Date(s) - 05/07/2015
1:30 pm - 6:30 pm
Wakerley & Barrowden CC
Result: Lost - Wakerley & Barrowden 279-3, Barford 128 all out
MATCH REPORT – BCC vs WAKERLEY AND BARROWDEN ON 5th July 2015
After two closely fought victories the touring Barford wagon train arrived at the Exeter Arms in Barrowden for pre-match libations and a quick bite. The Arms is a charming pub set in a pretty village and holds fond memories for some of the more senior tourists as it was visited frequently in previous tours to the area and was the scene for much drinking and jollification after victories against the neighbouring villages of South and North Luffenham back in the 90’s. Opposite the pub is a large duck pond and as I looked at it out of the window I hoped that this was not an omen that the tour’s successful run might come to an end. More of ducks later!
We had been warned by the locals at our previous game that Barrowden’s pitch and outfield were quite ‘interesting’ in layout and playing characteristics and advised that should we win the toss it might be best to field. This was confirmed when we arrived at the ground so when the coin fell the right way and in the absence of any information to the contrary I chose to bowl.
Forty overs and 279 runs later, after trying several seam and spin bowling permutations from each end and with many aching and sore limbed fielders having been run ragged up and down the many undulations of the quirky outfield, I wondered if I had taken bad advice! Eight bowlers had bowled manfully but with little success on an unresponsive pitch, only managing to take 3 wickets between them with the ball being hit to all parts and disappearing like lightning across the dry outfield and down the many slopes to cross the boundary. A few of us were carrying niggling injuries by this time and it did not fill me with much hope when I heard that the opposition had in fact reversed their usual batting order. This did not bode well for a third successive win on tour.
After an excellent tea and somewhat refreshed from our exertions in the field we set out to try and chase this formidable total against an obviously strong side. Unfortunately our hosts’ bowling attack, which was heavily spin orientated, proved as deadly as their batting and soon opener Simon Morgan was donning the dreaded yellow duck suit, closely followed by fellow opener Sandy. Their antics of running around the boundary flapping their arms and making clucking noises caused us all to fall about laughing and totally amazed the fielding side. But it was not a good start to a big run chase. Barford’s innings took on a semblance of sanity when their finest batsmen Ben Griffin and Paul Johnstone put on over 50 for the third wicket but just as it looked like a recovery was on the cards they both fell inexplicably. This brought that veteran tourist and TV celebrity Peter Fisher to the crease and for a while it was like time itself had rolled back as we were treated to a series of graceful shots while Peter crafted his way to a serene 38. Another half century for Fish and Barford was beckoning and it would have been a sweet jug. Unfortunately it was not to be but it was most pleasing to the eye while it lasted.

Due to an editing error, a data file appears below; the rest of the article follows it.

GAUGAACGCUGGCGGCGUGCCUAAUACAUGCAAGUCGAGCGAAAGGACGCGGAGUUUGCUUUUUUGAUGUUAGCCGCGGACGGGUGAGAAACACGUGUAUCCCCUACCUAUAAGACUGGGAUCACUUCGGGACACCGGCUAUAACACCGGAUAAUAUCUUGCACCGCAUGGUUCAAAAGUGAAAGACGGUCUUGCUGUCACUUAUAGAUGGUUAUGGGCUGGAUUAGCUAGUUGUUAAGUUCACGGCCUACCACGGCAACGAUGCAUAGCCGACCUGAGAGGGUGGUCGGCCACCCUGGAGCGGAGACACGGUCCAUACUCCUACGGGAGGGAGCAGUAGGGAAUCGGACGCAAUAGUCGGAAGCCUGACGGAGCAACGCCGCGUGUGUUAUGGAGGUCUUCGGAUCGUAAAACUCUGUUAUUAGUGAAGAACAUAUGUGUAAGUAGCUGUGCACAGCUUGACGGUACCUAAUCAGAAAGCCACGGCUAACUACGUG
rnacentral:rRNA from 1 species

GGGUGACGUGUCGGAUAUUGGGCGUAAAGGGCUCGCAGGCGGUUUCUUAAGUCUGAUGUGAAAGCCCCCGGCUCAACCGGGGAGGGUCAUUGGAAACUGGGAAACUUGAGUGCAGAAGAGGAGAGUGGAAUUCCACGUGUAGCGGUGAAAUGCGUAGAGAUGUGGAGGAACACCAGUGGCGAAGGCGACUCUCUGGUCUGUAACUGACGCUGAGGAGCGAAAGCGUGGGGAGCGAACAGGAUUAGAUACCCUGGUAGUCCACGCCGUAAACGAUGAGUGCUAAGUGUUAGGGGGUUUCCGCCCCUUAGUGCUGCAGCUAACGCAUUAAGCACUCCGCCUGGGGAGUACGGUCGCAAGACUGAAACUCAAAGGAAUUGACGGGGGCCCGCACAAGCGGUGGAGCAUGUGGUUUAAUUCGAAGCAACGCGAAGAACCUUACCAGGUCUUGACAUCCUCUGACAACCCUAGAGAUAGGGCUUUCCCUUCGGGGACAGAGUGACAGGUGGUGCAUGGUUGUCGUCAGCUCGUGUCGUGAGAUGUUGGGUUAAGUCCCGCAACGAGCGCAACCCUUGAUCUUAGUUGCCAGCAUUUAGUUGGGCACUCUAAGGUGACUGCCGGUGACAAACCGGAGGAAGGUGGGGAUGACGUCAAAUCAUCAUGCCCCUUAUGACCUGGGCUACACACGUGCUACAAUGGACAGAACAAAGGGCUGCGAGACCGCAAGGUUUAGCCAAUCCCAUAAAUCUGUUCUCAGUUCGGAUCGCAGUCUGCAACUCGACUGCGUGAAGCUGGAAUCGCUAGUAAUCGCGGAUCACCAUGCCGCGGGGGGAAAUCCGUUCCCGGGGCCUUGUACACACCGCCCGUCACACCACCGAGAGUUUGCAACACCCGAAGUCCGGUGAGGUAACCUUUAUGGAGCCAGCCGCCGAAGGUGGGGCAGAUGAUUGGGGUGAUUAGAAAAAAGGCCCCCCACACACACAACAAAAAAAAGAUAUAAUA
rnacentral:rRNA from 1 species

After Fish’s demise the Barford reply stuttered on with contributions from Simon Hawkins, Tim Jolly and some stout resistance from tour
virgin novice Andy Sherratt. But against Barrowden’s accurate bowling and with an impossible run rate to match it was always a forlorn chase. The end came swiftly on 128 with both Richard Jones and myself managing ‘deux canards d’or’. The infamous duck suit was passed between us so quickly that I had only just got time to don it before the game was over and I was shaking the opposition’s hands as they came off the field. Needless to say the Tour Secretary had managed to avoid the duck suit by ensuring he was unbeaten on his customary 0! You could have bet money on that one.
As the evening sun glinted on the Rutland hills and I waddled around the boundary collecting the boundary markers in my new suit I reflected on what might have been. It had been a great tour to a lovely part of England and thoroughly enjoyable. We had won two hard fought victories against very hospitable clubs but ultimately had come a cropper against a stronger opposition and at a ground where local knowledge and tactics play a big part. If Barford do return to Wakerley and Barrowden in future tours, which I sincerely hope, at least we will know what to expect.
PS. Thanks to Chris White for his help in organising the fixture